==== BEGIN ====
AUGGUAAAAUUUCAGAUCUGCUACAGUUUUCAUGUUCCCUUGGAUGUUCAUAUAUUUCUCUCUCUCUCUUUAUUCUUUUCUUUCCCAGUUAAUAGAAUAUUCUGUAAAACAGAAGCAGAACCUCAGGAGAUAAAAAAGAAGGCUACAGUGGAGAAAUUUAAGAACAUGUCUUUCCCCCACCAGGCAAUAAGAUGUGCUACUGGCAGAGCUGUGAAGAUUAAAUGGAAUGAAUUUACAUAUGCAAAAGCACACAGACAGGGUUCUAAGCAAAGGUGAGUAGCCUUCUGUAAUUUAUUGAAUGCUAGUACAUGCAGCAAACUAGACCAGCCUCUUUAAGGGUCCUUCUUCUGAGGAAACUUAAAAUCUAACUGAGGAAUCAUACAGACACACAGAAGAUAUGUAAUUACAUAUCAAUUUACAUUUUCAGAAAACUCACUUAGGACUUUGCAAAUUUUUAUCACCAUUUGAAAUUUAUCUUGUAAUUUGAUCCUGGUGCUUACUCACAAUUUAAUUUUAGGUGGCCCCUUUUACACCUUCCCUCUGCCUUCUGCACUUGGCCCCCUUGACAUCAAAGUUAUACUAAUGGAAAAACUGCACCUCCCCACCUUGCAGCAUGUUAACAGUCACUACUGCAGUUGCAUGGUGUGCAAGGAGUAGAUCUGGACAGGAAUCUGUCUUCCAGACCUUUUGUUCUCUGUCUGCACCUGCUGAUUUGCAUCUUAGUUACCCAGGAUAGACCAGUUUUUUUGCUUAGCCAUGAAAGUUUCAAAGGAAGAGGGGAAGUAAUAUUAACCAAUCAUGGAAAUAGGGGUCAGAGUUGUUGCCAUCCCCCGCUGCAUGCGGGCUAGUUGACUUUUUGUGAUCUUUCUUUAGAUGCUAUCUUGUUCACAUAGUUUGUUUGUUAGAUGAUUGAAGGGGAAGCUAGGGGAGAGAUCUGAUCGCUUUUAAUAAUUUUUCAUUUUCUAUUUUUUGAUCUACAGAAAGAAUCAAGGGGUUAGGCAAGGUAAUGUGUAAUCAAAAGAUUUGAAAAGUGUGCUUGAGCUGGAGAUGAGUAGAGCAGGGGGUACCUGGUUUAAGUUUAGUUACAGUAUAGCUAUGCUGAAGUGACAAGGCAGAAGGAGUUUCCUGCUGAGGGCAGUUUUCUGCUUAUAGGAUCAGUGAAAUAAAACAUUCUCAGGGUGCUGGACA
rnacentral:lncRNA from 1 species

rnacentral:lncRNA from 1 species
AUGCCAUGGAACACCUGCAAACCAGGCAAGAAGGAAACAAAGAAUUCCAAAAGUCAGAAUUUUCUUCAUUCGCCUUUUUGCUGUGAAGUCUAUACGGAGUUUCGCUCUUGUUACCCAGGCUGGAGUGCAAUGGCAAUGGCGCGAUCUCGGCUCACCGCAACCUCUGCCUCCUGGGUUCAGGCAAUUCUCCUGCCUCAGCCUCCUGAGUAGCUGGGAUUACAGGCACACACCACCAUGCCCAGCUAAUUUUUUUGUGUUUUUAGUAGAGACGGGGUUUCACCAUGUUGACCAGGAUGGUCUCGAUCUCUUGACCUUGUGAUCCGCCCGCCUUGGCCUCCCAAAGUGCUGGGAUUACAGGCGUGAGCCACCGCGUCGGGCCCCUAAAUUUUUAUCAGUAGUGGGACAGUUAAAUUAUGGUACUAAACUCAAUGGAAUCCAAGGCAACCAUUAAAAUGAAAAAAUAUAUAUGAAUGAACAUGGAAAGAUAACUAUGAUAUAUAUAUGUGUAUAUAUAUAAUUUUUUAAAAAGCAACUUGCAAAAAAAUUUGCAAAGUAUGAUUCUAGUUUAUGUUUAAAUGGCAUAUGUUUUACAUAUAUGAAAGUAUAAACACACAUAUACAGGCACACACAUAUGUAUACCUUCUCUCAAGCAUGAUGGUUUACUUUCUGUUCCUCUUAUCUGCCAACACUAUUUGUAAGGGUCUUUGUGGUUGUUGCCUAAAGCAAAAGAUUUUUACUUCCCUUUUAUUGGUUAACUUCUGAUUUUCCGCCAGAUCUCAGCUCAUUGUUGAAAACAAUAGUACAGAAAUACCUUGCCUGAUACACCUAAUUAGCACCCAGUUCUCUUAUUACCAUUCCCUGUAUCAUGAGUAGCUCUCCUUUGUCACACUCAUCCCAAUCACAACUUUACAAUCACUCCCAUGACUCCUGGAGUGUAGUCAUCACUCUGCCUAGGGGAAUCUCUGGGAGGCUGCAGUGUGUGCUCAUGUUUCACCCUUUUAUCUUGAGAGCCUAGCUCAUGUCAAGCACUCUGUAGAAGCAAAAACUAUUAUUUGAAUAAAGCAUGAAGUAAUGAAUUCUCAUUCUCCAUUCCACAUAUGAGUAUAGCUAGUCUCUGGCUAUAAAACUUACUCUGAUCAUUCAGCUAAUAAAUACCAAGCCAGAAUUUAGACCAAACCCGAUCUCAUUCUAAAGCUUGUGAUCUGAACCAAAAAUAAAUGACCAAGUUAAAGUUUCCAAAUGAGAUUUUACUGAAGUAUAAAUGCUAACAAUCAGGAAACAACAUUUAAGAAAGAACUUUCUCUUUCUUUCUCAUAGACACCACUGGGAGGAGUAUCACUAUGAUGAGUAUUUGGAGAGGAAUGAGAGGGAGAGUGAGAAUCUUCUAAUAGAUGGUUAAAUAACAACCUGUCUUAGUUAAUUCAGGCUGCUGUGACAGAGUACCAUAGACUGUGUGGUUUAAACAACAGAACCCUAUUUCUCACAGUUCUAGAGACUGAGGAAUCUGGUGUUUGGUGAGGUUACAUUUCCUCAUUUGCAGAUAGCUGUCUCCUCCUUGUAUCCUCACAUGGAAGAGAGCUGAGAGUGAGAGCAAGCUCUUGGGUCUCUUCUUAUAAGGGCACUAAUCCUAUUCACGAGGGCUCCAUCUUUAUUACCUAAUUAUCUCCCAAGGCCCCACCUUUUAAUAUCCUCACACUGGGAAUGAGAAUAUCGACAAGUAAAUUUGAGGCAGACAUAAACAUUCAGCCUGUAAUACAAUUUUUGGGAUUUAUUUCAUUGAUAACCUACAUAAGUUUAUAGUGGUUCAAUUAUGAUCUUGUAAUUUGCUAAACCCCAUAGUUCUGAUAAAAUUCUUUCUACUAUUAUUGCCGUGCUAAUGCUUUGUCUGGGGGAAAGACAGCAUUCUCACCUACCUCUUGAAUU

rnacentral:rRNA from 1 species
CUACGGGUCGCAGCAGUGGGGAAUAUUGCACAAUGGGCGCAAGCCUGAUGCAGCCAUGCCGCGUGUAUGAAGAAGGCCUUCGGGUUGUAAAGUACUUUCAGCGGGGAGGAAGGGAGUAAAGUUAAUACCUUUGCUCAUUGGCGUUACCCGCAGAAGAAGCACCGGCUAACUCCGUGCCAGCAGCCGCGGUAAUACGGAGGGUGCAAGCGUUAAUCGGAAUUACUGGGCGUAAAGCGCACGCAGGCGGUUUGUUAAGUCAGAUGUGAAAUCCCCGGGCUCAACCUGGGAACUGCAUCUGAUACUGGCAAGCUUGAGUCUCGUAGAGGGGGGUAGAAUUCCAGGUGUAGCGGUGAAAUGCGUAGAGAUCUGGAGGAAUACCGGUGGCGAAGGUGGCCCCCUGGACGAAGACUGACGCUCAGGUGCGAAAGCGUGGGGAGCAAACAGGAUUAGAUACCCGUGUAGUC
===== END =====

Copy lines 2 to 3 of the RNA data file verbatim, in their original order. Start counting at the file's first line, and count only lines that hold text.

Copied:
rnacentral:lncRNA from 1 species

rnacentral:lncRNA from 1 species